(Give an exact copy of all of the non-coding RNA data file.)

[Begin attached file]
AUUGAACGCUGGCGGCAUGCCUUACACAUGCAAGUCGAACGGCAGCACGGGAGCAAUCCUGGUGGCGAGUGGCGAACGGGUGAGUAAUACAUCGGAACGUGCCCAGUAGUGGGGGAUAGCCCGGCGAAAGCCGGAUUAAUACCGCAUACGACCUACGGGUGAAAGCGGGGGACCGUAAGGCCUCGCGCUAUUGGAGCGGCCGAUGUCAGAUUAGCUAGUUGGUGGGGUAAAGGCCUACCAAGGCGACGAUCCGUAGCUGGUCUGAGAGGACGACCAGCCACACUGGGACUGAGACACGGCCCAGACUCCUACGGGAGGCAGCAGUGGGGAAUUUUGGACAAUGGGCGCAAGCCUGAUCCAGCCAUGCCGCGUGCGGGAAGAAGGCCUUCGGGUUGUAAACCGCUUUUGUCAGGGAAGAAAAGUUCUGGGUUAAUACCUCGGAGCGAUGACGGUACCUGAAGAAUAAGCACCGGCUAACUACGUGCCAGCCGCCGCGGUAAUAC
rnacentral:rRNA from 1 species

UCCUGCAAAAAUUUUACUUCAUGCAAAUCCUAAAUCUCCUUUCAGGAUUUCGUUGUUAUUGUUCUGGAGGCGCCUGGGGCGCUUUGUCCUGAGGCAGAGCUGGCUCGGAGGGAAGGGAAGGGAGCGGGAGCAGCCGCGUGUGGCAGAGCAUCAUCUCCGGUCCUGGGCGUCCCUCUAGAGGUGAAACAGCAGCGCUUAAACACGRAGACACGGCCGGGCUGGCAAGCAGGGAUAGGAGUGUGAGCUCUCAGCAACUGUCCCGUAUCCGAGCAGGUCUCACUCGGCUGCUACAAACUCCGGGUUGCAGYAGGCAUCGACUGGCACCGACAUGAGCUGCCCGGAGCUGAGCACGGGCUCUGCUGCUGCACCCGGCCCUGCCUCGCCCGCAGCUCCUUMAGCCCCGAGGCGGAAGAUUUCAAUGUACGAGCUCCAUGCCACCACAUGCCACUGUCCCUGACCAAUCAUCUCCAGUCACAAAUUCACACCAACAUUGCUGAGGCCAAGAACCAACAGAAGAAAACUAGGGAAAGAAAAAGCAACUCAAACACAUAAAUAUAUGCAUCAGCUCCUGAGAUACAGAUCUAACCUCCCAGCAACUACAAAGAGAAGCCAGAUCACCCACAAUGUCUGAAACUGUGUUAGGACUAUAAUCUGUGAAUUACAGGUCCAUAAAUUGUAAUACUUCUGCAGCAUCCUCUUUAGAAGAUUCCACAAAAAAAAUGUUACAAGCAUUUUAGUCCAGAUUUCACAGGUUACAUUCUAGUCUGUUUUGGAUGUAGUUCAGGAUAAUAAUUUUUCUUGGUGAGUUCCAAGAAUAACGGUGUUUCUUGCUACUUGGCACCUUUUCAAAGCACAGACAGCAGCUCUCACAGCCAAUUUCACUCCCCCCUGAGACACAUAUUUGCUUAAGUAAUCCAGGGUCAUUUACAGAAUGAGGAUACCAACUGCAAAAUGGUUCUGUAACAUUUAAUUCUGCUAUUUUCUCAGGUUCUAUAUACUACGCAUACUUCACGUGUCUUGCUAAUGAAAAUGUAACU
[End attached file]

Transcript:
AUUGAACGCUGGCGGCAUGCCUUACACAUGCAAGUCGAACGGCAGCACGGGAGCAAUCCUGGUGGCGAGUGGCGAACGGGUGAGUAAUACAUCGGAACGUGCCCAGUAGUGGGGGAUAGCCCGGCGAAAGCCGGAUUAAUACCGCAUACGACCUACGGGUGAAAGCGGGGGACCGUAAGGCCUCGCGCUAUUGGAGCGGCCGAUGUCAGAUUAGCUAGUUGGUGGGGUAAAGGCCUACCAAGGCGACGAUCCGUAGCUGGUCUGAGAGGACGACCAGCCACACUGGGACUGAGACACGGCCCAGACUCCUACGGGAGGCAGCAGUGGGGAAUUUUGGACAAUGGGCGCAAGCCUGAUCCAGCCAUGCCGCGUGCGGGAAGAAGGCCUUCGGGUUGUAAACCGCUUUUGUCAGGGAAGAAAAGUUCUGGGUUAAUACCUCGGAGCGAUGACGGUACCUGAAGAAUAAGCACCGGCUAACUACGUGCCAGCCGCCGCGGUAAUAC
rnacentral:rRNA from 1 species

UCCUGCAAAAAUUUUACUUCAUGCAAAUCCUAAAUCUCCUUUCAGGAUUUCGUUGUUAUUGUUCUGGAGGCGCCUGGGGCGCUUUGUCCUGAGGCAGAGCUGGCUCGGAGGGAAGGGAAGGGAGCGGGAGCAGCCGCGUGUGGCAGAGCAUCAUCUCCGGUCCUGGGCGUCCCUCUAGAGGUGAAACAGCAGCGCUUAAACACGRAGACACGGCCGGGCUGGCAAGCAGGGAUAGGAGUGUGAGCUCUCAGCAACUGUCCCGUAUCCGAGCAGGUCUCACUCGGCUGCUACAAACUCCGGGUUGCAGYAGGCAUCGACUGGCACCGACAUGAGCUGCCCGGAGCUGAGCACGGGCUCUGCUGCUGCACCCGGCCCUGCCUCGCCCGCAGCUCCUUMAGCCCCGAGGCGGAAGAUUUCAAUGUACGAGCUCCAUGCCACCACAUGCCACUGUCCCUGACCAAUCAUCUCCAGUCACAAAUUCACACCAACAUUGCUGAGGCCAAGAACCAACAGAAGAAAACUAGGGAAAGAAAAAGCAACUCAAACACAUAAAUAUAUGCAUCAGCUCCUGAGAUACAGAUCUAACCUCCCAGCAACUACAAAGAGAAGCCAGAUCACCCACAAUGUCUGAAACUGUGUUAGGACUAUAAUCUGUGAAUUACAGGUCCAUAAAUUGUAAUACUUCUGCAGCAUCCUCUUUAGAAGAUUCCACAAAAAAAAUGUUACAAGCAUUUUAGUCCAGAUUUCACAGGUUACAUUCUAGUCUGUUUUGGAUGUAGUUCAGGAUAAUAAUUUUUCUUGGUGAGUUCCAAGAAUAACGGUGUUUCUUGCUACUUGGCACCUUUUCAAAGCACAGACAGCAGCUCUCACAGCCAAUUUCACUCCCCCCUGAGACACAUAUUUGCUUAAGUAAUCCAGGGUCAUUUACAGAAUGAGGAUACCAACUGCAAAAUGGUUCUGUAACAUUUAAUUCUGCUAUUUUCUCAGGUUCUAUAUACUACGCAUACUUCACGUGUCUUGCUAAUGAAAAUGUAACU